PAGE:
I read the book many years ago and remember thinking (given the contemporary criticism of Thackeray's lack of even one truly appealing character) that his approach to characters was much the same as Flannery O'Connor's. When asked how she could conjure up such fantastical characters, she replied something along the lines of, "Well, most of them just show up at my back door ...."

    The subtitle of Vanity Fair--A Novel Without a Hero--perhaps tells us something about Thackeray's intent; but I will admit that there is much about 19th satirical writing that goes right over my head. Don't you think he would have been quite pleased that you took away from his book those life's lessons you pointed out?

    One image that has stuck with me from the novel is this charming, anachronistic structure of Miss Pinkerton's Academy--there to prepare young ladies for their roles in society. I wonder, since Thackeray had two daughters and little money, whether his work can been seen as at least a casual indictment of the position women were expected to play in proper English society?

    I haven't thought about this book in a long time, and am happy to have done so this morning. Thanks again for taking the time to share with us.

    •  I really should read it again. I liked it a lot (2+ / 0-)
      Recommended by:
      Diana in NoVa, Limelite

      When I was going through my Trollope and dickens phase...

      A standing army is like a standing member. It's an excellent assurance of domestic tranquility, but a dangerous temptation to foreign adventure. Elbridge Gerry - Constitutional Convention (1787)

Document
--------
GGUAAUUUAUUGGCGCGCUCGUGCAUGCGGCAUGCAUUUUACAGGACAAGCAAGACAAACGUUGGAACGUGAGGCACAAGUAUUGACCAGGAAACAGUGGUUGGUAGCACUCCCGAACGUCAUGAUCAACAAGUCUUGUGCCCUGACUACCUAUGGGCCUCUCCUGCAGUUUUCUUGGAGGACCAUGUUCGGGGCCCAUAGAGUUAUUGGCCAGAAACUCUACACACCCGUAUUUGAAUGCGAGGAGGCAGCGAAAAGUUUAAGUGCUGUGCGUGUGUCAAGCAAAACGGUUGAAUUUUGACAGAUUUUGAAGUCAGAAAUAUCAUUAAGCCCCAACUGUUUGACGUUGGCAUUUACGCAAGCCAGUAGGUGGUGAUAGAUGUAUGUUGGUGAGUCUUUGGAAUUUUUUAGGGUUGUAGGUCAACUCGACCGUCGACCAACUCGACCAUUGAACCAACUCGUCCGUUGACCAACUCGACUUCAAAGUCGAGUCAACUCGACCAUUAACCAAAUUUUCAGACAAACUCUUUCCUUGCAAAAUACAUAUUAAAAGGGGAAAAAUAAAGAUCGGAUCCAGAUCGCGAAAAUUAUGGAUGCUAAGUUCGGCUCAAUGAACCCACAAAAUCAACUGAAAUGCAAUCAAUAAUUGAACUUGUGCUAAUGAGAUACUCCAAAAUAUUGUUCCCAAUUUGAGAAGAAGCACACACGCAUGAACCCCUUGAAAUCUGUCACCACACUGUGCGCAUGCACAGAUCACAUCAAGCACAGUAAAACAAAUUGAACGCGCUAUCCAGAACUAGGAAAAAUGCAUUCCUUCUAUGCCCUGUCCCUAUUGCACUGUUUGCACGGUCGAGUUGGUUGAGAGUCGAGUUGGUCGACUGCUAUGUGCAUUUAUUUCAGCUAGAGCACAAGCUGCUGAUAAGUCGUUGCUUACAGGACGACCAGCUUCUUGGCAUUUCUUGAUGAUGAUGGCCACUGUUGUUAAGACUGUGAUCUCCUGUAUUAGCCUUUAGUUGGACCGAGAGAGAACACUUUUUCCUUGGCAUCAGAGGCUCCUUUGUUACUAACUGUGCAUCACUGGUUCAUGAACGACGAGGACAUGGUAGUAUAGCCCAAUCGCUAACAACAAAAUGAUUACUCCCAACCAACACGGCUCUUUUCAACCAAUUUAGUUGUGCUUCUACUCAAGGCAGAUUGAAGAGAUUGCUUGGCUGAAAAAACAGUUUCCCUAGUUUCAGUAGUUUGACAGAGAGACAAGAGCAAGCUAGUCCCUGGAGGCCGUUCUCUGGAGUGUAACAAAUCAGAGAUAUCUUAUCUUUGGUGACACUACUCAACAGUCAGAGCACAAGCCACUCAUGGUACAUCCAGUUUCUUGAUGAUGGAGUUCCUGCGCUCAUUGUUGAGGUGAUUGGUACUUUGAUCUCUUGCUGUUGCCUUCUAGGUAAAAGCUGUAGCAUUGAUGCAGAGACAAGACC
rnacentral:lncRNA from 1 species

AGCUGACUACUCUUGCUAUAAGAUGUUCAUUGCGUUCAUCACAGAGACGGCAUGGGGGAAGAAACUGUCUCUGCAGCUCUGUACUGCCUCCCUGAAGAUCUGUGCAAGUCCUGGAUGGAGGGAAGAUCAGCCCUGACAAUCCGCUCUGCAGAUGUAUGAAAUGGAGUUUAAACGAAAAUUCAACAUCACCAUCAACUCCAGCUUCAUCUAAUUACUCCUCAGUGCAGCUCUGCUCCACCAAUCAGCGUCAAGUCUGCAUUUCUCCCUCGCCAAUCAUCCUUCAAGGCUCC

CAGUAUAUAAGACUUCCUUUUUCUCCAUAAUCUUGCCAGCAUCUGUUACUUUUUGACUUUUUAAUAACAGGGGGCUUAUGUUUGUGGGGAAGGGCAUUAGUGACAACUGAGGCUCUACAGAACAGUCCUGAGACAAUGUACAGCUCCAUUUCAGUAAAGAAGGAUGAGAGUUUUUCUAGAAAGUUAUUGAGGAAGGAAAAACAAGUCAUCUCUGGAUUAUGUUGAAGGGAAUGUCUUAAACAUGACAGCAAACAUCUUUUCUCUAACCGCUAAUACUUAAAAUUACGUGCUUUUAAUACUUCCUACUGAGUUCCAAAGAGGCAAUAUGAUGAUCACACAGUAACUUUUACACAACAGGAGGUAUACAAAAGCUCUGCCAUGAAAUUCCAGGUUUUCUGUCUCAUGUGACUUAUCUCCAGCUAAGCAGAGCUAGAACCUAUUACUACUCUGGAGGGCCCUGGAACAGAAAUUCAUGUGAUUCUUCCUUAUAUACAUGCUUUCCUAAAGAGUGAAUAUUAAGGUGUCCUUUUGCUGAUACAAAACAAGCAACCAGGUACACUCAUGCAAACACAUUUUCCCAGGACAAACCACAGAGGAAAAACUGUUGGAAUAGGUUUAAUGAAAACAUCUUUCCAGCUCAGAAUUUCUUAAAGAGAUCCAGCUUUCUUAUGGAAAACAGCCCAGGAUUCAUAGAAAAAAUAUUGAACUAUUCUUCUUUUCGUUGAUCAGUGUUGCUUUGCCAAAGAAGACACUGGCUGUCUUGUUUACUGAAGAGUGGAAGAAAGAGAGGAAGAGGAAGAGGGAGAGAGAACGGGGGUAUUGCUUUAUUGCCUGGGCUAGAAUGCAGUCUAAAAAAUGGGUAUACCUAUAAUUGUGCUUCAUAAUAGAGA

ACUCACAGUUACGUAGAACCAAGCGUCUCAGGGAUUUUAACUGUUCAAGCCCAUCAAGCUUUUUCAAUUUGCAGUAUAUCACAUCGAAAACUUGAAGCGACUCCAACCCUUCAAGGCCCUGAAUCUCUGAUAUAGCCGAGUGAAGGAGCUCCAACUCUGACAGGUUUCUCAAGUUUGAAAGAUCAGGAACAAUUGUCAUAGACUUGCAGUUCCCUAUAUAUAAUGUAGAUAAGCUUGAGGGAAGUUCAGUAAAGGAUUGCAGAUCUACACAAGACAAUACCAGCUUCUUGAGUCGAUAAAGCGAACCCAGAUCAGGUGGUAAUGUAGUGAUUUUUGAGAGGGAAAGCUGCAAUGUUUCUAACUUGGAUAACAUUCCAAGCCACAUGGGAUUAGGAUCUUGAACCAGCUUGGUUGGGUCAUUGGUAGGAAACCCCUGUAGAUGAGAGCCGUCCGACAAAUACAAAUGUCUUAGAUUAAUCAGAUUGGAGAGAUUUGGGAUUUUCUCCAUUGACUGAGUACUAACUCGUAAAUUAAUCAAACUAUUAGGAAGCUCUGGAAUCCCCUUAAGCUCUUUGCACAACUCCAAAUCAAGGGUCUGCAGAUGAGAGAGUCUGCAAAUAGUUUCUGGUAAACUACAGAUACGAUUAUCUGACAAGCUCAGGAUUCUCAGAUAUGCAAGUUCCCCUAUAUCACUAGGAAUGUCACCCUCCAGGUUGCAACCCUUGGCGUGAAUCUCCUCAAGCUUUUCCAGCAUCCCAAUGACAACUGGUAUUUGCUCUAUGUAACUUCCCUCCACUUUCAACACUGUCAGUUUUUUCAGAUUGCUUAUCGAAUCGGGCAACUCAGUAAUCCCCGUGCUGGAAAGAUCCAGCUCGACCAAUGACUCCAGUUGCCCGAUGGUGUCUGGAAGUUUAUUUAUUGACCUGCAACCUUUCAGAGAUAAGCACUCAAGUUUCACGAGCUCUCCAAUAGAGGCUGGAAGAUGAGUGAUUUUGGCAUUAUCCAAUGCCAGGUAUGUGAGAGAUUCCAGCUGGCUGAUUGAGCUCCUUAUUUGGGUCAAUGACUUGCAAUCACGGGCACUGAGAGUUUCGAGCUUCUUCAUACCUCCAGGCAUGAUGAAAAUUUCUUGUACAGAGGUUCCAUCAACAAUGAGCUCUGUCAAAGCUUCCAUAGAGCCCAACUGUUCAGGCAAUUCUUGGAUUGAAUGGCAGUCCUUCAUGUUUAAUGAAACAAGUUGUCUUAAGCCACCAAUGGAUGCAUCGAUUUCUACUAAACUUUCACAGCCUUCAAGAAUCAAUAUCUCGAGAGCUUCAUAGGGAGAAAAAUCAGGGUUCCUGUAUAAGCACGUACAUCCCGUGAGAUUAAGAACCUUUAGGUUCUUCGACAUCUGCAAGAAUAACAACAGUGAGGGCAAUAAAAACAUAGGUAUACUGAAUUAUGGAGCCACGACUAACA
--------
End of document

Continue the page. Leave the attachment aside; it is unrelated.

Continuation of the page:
by No Exit on Fri Feb 01, 2013 at 08:46:30 AM PST

      [ Parent ]

    •  I agree (1+ / 0-)
      Recommended by:
      Diana in NoVa

      Thackeray is bemoaning the hypocrisy and manipulation that seems to be the mainstay of society; however, the advice is good advice.  Just don't take it too far.

      I believe that Thackeray's sympathies lie with the individuals who are powerless without these strategems, the women, and, especially, the poor women.  They have no choice.

  •  Spoiler alert (5+ / 0-)

    Vanity Fair is my favorite novel as well.  I find it interesting that no movie or miniseries ever depicts Becky’s murder of Jos Sedley.  It is true that his murder is not made explicit, just as her having sex with the Prince Regent and Lord Steyne are only suggested as possibilities.  But the movie versions do not even come close, for Jos Sedley is always shown as still being alive at the end.